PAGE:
Barry Gillis enjoying return to action with Magherafelt
THE last two years, Barry Gillis had only played reserve Championship for Magherafelt to give them a pull out.
At 33, he hung up the boots at senior level, having toiled with the Rossas for almost two decades. When he was first called into a Derry squad in 2000, it was as a forward.
Full-forward was where he played most of his club football up until the late noughties, only going between the sticks when the Rossas struggled to replace the retired Johnny Kelly.
He had worn the Oak Leaf number one shirt on a regular basis up until 2010, and briefly again in 2012 when John Brennan encountered an injury crisis.
In 2013, he retired from senior club duty with Magherafelt looking no closer to the John McLaughlin Cup that has eluded them since 1978.
When manager Kevin Coary rang him at the start of this year, Gillis was just setting into his second year coaching the Derry minor goalkeepers as part of Damian McErlain’s backroom team.
“He gave me a ring at the start of the year to see what the situation was. I explained I was with the minors and I’d give him one night a week at that stage.
“Magherafelt are blessed with three other very good goalkeepers at the minute, and maybe his thinking was that I could help bring them on a bit at that stage,” says Gillis.
He’s already been rewarded for his return in the form of a Division One league medal. Magherafelt topped the table for the majority of the season and a last-day win over Kilrea brought the silverware back to Rossa Park for the first time in 34 years.
There was never a stage in his career where it could have been thrown at Magherafelt that they didn’t have quality – they have just eternally lacked the consistency to sustain a challenge.
“Winning the league, people might say it’s irrelevant and who cares who wins the league, but it’s another sign you’re going in the right direction,” he said.
The inconsistency that blights them was never more evident than in last year’s Championship. Their first half display against local rivals Loup was insipid. Gillis was a spectator as Owenbeg as they went in ten points behind at the break.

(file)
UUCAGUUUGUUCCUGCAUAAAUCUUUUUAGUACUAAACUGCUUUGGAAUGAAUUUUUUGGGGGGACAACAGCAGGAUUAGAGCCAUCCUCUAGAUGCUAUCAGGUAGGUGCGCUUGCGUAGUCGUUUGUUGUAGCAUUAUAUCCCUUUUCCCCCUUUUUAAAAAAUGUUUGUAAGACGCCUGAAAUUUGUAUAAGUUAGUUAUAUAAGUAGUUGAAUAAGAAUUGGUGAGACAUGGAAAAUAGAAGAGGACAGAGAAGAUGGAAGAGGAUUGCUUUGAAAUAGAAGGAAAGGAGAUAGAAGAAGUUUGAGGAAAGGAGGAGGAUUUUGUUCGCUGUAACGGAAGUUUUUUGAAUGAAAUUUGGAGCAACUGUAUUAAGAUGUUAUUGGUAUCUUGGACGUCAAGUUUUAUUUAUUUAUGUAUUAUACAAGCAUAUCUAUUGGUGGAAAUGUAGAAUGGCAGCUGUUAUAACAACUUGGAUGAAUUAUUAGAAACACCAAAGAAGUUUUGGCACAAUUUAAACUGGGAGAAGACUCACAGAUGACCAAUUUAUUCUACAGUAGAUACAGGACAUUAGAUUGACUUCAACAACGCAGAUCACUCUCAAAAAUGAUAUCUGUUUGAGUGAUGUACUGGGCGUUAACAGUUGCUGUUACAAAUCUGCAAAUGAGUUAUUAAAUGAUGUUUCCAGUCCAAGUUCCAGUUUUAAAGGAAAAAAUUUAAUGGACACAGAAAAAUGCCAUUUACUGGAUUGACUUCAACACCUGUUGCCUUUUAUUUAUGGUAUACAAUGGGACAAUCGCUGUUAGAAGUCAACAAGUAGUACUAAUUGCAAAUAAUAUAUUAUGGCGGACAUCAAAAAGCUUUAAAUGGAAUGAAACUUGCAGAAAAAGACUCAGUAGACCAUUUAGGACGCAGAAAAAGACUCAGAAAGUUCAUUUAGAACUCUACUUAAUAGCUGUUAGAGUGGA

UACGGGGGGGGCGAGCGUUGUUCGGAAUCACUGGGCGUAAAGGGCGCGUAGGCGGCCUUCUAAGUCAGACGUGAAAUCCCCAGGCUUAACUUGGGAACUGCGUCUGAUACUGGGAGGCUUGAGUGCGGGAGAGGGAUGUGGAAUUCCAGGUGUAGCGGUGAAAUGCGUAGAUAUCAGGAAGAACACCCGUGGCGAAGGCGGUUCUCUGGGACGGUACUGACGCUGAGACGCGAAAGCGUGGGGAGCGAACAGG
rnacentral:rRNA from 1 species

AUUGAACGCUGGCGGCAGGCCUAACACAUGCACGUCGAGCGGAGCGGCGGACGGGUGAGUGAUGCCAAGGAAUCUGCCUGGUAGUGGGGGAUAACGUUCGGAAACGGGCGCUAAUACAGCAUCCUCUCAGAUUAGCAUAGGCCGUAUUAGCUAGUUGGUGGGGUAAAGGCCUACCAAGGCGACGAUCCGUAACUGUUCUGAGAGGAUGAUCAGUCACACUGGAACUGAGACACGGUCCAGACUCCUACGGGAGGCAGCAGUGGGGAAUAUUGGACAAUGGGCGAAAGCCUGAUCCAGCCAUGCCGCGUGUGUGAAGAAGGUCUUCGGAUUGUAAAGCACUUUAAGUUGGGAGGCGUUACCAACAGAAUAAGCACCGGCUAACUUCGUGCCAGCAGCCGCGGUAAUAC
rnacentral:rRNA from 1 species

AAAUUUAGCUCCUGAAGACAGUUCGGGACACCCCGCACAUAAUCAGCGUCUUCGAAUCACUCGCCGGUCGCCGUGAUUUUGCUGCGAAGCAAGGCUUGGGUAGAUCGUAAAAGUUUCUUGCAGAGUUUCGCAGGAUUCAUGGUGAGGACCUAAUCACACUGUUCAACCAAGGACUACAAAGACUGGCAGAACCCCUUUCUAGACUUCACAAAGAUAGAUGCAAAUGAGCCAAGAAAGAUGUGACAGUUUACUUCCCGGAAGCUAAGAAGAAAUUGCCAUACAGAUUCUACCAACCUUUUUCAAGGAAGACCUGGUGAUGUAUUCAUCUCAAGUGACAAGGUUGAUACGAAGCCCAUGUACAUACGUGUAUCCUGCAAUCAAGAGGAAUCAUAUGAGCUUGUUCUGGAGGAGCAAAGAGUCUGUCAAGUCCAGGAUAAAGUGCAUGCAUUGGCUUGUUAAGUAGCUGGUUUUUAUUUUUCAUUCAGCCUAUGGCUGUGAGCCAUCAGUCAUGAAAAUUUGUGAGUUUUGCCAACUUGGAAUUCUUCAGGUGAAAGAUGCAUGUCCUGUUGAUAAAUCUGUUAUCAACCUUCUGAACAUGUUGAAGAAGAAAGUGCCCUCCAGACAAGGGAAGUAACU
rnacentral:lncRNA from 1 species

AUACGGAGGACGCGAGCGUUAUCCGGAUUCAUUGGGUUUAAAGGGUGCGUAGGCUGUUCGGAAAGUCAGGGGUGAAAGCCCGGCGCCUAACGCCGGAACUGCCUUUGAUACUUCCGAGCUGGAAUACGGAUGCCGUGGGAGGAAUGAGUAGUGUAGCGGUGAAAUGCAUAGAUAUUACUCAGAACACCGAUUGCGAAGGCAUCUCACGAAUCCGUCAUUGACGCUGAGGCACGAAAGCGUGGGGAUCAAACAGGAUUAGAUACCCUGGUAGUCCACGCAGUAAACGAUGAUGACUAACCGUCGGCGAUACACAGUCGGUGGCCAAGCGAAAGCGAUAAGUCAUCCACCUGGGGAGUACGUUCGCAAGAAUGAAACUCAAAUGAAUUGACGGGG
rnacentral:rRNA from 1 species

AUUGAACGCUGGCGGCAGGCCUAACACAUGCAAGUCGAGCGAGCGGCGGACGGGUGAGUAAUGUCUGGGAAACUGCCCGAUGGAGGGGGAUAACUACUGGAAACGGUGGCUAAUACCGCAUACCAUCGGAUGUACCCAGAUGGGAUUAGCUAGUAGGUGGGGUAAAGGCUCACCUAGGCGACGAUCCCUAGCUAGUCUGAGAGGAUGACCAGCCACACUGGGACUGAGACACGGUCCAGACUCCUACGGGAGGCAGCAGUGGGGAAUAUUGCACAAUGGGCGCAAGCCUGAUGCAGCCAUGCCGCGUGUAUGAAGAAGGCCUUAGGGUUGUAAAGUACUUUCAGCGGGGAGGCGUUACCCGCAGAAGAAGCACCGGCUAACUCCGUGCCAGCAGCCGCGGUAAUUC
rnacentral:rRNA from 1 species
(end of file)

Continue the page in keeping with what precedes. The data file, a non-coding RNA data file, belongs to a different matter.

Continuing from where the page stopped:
But by the end, it took a late goal from Declan McVey to rescue victory for Loup after Magherafelt rallied to fight back and lead by two at a stage.
They had their foot on Slaughtneil’s throat in the back door, missing two gilt-edged chances to put them away in a game that went to a replay before the Emmets came through. They, of course, went on to win the title.
“It probably has been one of the biggest problems since probably I was playing. On any given day, Magherafelt could beat anybody, but they could have been beaten by anybody as well. More so this year, the thing’s galvanised,” believes the veteran ‘keeper.
Derry club football has always been a dog-eat-dog environment but the pre-ordained draw and the return to a straight knockout format has added an extra spice to this year’s race.
With back-to-back winners Slaughtneil and their four-in-a-row predecessors Ballinderry on one side of the draw, the door is wide open for the four teams left on the other side to at least reach a final.
Magherafelt’s quarter-final opponents for Saturday, Ballinascreen, finished second behind them in the league, with just a point separating them after 15 games.
With Loup and Glen set for an equally fascinating Saturday evening duel in the other quarter-final, Gillis feels that all four clubs have everything to play for.
“When that side of the draw came out, any one of those teams is more capable of going to a county final, and winning it on any given day, such as the standard is in Derry.
“It’s going to be very tough. Ballinascreen have been thereabouts and they’re a seasoned team, sprinkled with a lot of good youth.
“They’d be very hard to break down. They play a certain style of football that’s defensive and they can hit you very hard on the counter-attack. These are the days you come back for and look forward to.”
But the now 36-year-old, who had the number one jersey for their first round win over Greenlough, won’t be heaping the same pressure on himself as he would have in the past.
“When you’re consistently training week in, week out and playing consistently, you set a lot of standards for yourself and put pressure on yourself.
“But coming back in this time, there’s a great bunch of lads there and they’re hungry for success, and to step into that environment is very enjoyable.”